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Ms. Van Ham,
Here is some information below. (click on image to make larger).
The purpose of military band was to provide entertainment during R&R and at many of the ceremonial events and medal ceremonies, as well as playing at hospitals for the wounded. Many band members received the same training as regular solders in military code and weapons. Sometimes they would be asked to help in security of prisoner of war captures, displaced persons, base security,
Dear Ms. Van Ham,
Thank you for posting your request on History Hub!
We searched the National Archives Catalog and located titled Draft Registration Cards, 1917-1918 (Microfilm Publication M1509) and Lists of Men Ordered to Report to Local Board for Military Duty, 1917-1918 in the Records of Selective Service System (World War I) (Record Group 163) that might contain information on your grandfather. For access to these records, please contact the National Archives at Atlanta (RE-AT) via email at email@example.com.
M1509 has been digitized by Ancestry. There may be a fee for using this service. Instead, check for access at your local library as many library systems subscribe to these sites, making them free for their patrons.
We suggest that you begin your research of World War I bands by reviewing records located in the series titled Records of the 1st, 2nd, and 7th Bands, 1918-1919 in the Records of the American Expeditionary Forces (World War I) (Record Group 120). Further, there may be some records filed under War Department Decimal Classification Numbers 322.94 - Bands (for ceremonial bands) and 353.86 - Amusements (for bands that entertained the troops) in the following series of records General Correspondence, 8/1918-9/1919 in Record Group 120; the Records of Divisions, ca. 1918-1942 in Record Group 120, and Central Decimal Files, 1917-1925 in the Records of the Adjutant General’s Office, 1917 - 1985 (Record Group 407). Plus, there might be some records of interest to you in the series titled Records Relating to the History of the War Department, 1918-1941 in the Records of the War Department General and Special Staffs (Record Group 165). Given Gen. John J. Pershing’s interest in bands, we suggest that you search the records located in the series titled General Correspondence, 1917-1920 in Record Group 120. For more information about these records, please contact the National Archives at College Park - Textual Reference (RDT2) at firstname.lastname@example.org.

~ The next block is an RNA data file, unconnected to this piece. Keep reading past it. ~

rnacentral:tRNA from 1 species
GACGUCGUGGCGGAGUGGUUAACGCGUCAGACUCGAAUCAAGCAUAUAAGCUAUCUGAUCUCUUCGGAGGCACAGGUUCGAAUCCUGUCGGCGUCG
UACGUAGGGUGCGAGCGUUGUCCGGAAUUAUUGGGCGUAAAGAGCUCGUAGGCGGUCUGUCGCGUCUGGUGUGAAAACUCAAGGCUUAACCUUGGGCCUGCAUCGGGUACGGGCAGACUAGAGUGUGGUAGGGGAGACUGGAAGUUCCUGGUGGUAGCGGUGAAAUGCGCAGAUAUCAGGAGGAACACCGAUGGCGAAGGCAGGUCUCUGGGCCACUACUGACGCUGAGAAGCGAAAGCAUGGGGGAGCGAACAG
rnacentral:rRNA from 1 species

Due to the COVID-19 pandemic and pursuant to guidance received from the Office of Management and Budget (OMB), NARA has adjusted its normal operations to balance the need of completing its mission-critical work while also adhering to the recommended social distancing for the safety of NARA staff. As a result of this re-prioritization of activities, you may experience a delay in receiving an initial acknowledgement as well as a substantive response to your reference request from RE-AT & RDT2. We apologize for this inconvenience and appreciate your understanding and patience.
- History of Bands in World War I available on the website of Taps Bugler: Jari Villanueva
- Music in the Great War: Military Bands available on bbc.com
- Five WWI Army African American Bands That Changed Music Forever available on the website of the U.S. World War One Centennial Commission
- A History of U.S. Army Bands available on the website of the Federation of American Scientists
Lastly, the Public Affairs Office of the Army Bands, the Education Section of the National Museum of the United States Army, and the National WWI Museum and Memorial may have some information relevant to your research.
We hope this is helpful. Best of luck with your family research!